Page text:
Following the UK’s departure from the European Union on 31st January 2020, both sides are now engaged in the future-relationship negotiations during the transition period. A priority in these negotiations is the conclusion of a trade agreement that will be the core of the future economic relationship.

In 2018 bilateral EU27 – UK chemicals trade amounted to about €46 billion. With the UK chemical industry representing 6% of total EU28 sales and UK exports to the EU27 representing about 60% of UK sales in 2018, both sides are important markets to each other with highly integrated supply chains in the chemical sector and downstream.

Thus, the preferred option of the European chemical industry is a strong future partnership comprising a deep and comprehensive free trade agreement. While noting the challenges ahead, including the timing of the negotiations, this agreement should secure, at the minimum, frictionless trade and placing on the market of chemicals while ensuring the highest degree of regulatory cooperation between the UK and the EU27.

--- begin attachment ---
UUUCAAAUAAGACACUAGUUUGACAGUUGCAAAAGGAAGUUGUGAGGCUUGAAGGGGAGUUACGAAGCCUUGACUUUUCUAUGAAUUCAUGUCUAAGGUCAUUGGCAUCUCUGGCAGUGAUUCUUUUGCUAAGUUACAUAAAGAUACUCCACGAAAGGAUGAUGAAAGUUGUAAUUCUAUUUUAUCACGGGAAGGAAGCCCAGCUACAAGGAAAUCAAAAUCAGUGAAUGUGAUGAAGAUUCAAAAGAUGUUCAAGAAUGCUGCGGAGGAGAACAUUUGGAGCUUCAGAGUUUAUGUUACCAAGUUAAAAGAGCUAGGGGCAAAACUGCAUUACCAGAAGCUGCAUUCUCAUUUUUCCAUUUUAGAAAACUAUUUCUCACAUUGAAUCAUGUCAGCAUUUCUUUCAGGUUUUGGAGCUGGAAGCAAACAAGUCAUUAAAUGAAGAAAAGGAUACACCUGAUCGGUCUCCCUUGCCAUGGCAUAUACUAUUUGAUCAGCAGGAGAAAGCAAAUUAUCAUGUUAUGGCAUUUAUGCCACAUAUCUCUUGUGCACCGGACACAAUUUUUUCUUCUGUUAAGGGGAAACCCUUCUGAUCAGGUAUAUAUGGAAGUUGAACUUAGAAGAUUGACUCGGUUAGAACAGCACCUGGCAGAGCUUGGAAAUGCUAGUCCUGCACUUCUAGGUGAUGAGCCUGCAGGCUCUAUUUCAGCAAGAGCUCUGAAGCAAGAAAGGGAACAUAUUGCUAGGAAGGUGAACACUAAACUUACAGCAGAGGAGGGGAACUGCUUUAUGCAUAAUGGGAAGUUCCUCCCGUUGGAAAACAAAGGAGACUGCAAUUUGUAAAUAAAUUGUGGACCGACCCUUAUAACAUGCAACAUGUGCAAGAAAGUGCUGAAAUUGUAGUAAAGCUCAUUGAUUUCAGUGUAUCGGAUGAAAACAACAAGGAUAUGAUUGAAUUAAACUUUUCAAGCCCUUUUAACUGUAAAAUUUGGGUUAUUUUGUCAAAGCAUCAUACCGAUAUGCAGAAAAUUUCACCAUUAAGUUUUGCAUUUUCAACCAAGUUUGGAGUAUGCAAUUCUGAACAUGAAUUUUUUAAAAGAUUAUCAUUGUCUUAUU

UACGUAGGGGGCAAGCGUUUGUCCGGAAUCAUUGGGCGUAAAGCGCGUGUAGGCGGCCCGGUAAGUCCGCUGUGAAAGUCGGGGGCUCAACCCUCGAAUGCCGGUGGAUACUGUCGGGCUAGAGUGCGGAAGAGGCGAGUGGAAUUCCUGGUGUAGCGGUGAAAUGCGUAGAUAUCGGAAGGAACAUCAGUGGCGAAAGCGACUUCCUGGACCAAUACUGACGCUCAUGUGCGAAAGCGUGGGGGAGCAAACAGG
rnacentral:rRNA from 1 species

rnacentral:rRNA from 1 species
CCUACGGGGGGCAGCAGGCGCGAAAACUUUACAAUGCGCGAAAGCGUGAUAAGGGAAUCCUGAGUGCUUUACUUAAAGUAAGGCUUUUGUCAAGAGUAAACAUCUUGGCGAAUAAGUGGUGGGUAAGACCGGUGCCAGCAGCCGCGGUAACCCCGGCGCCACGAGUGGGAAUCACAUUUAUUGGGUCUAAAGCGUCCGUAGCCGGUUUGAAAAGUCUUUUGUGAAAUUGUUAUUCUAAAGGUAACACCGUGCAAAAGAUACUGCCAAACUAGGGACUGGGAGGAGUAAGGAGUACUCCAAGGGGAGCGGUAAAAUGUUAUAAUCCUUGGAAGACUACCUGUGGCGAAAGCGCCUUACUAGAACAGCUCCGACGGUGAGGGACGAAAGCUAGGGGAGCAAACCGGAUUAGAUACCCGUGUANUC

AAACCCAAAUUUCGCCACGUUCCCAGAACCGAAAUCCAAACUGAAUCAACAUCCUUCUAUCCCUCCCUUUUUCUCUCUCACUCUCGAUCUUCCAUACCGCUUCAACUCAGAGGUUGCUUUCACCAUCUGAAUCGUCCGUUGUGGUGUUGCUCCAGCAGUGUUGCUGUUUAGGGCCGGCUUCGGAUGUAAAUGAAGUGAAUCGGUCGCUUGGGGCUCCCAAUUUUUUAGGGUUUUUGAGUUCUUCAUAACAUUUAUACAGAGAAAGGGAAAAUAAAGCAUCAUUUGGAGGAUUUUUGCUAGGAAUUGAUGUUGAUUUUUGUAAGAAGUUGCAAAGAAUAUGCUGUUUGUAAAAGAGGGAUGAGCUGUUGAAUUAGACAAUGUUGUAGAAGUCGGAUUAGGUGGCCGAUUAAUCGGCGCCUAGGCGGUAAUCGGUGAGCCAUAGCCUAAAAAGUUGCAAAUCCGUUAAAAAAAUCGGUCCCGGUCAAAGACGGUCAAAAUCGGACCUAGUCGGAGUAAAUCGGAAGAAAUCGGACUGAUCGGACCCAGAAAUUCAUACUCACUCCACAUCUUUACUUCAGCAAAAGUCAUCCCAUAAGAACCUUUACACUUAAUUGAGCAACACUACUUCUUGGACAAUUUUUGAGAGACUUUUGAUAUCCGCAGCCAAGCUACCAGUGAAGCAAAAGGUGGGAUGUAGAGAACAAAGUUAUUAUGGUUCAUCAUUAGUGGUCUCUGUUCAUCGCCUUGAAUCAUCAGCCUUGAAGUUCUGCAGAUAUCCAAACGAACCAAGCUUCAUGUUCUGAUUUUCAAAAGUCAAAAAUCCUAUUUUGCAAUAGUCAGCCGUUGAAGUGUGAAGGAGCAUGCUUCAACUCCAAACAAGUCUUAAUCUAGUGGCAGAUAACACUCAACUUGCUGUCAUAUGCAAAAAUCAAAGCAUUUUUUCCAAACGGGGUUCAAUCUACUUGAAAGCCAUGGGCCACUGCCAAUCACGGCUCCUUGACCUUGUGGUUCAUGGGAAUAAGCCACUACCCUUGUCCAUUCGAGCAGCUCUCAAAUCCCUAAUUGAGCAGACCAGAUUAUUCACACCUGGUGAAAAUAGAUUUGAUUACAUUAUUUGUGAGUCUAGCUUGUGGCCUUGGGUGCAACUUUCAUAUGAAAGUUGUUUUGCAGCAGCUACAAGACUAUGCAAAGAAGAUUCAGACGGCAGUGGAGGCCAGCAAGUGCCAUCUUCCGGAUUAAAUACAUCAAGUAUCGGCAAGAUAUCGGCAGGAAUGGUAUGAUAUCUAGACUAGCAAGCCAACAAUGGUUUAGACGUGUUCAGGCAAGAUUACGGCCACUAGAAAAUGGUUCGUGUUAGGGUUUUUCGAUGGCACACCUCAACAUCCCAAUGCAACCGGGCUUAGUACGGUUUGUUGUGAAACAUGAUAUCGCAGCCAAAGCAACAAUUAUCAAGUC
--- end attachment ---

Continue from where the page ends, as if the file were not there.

One of the key issues for our industry is regulatory cooperation. The chemical industry seeks an agreement that recognises the economic and environmental logic of remaining closely connected with regard to the REACH regulation, addressing the safe use of chemicals and their placement on the market. The UK and EU’s negotiating approaches indicate that the two parties intend to form separate legal orders. The EU mandate suggests for a framework for voluntary regulatory cooperation in areas of Union interest, including exchange of information and sharing of best practice. Similarly, the UK mandate more specifically calls for cooperation on chemicals to be included in an annex to the future free trade agreement. To ensure high levels of protection for the environment, human and animal health and to support UK and EU businesses to meet the separate regulatory requirements of the two markets, the UK proposes to agree on data and information sharing mechanisms, in line with the relevant provisions set out in UK and EU regulation and existing third-country mechanisms. In addition, a commitment to develop a memorandum of understanding to enhance cooperation further, similar to those that the European Chemicals Agency has agreed with Australia and Canada, is suggested.


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